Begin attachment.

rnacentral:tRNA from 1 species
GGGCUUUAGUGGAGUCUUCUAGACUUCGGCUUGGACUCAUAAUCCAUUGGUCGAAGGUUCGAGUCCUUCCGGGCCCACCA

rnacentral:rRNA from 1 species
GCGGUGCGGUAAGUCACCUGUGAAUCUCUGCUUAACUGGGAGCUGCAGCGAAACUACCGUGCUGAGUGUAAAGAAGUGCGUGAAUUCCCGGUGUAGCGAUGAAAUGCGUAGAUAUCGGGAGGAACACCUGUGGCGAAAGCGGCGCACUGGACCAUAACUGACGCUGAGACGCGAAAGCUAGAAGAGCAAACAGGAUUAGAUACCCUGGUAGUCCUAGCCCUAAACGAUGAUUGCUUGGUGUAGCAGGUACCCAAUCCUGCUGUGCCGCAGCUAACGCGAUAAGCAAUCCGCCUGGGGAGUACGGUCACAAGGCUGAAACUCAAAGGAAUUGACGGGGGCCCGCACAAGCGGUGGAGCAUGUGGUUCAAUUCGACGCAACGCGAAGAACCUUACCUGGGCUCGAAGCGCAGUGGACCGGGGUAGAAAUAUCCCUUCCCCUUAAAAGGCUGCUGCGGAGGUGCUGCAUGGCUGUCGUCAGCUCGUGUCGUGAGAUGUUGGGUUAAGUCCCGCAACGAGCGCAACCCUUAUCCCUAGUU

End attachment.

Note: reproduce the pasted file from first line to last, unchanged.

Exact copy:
rnacentral:tRNA from 1 species
GGGCUUUAGUGGAGUCUUCUAGACUUCGGCUUGGACUCAUAAUCCAUUGGUCGAAGGUUCGAGUCCUUCCGGGCCCACCA

rnacentral:rRNA from 1 species
GCGGUGCGGUAAGUCACCUGUGAAUCUCUGCUUAACUGGGAGCUGCAGCGAAACUACCGUGCUGAGUGUAAAGAAGUGCGUGAAUUCCCGGUGUAGCGAUGAAAUGCGUAGAUAUCGGGAGGAACACCUGUGGCGAAAGCGGCGCACUGGACCAUAACUGACGCUGAGACGCGAAAGCUAGAAGAGCAAACAGGAUUAGAUACCCUGGUAGUCCUAGCCCUAAACGAUGAUUGCUUGGUGUAGCAGGUACCCAAUCCUGCUGUGCCGCAGCUAACGCGAUAAGCAAUCCGCCUGGGGAGUACGGUCACAAGGCUGAAACUCAAAGGAAUUGACGGGGGCCCGCACAAGCGGUGGAGCAUGUGGUUCAAUUCGACGCAACGCGAAGAACCUUACCUGGGCUCGAAGCGCAGUGGACCGGGGUAGAAAUAUCCCUUCCCCUUAAAAGGCUGCUGCGGAGGUGCUGCAUGGCUGUCGUCAGCUCGUGUCGUGAGAUGUUGGGUUAAGUCCCGCAACGAGCGCAACCCUUAUCCCUAGUU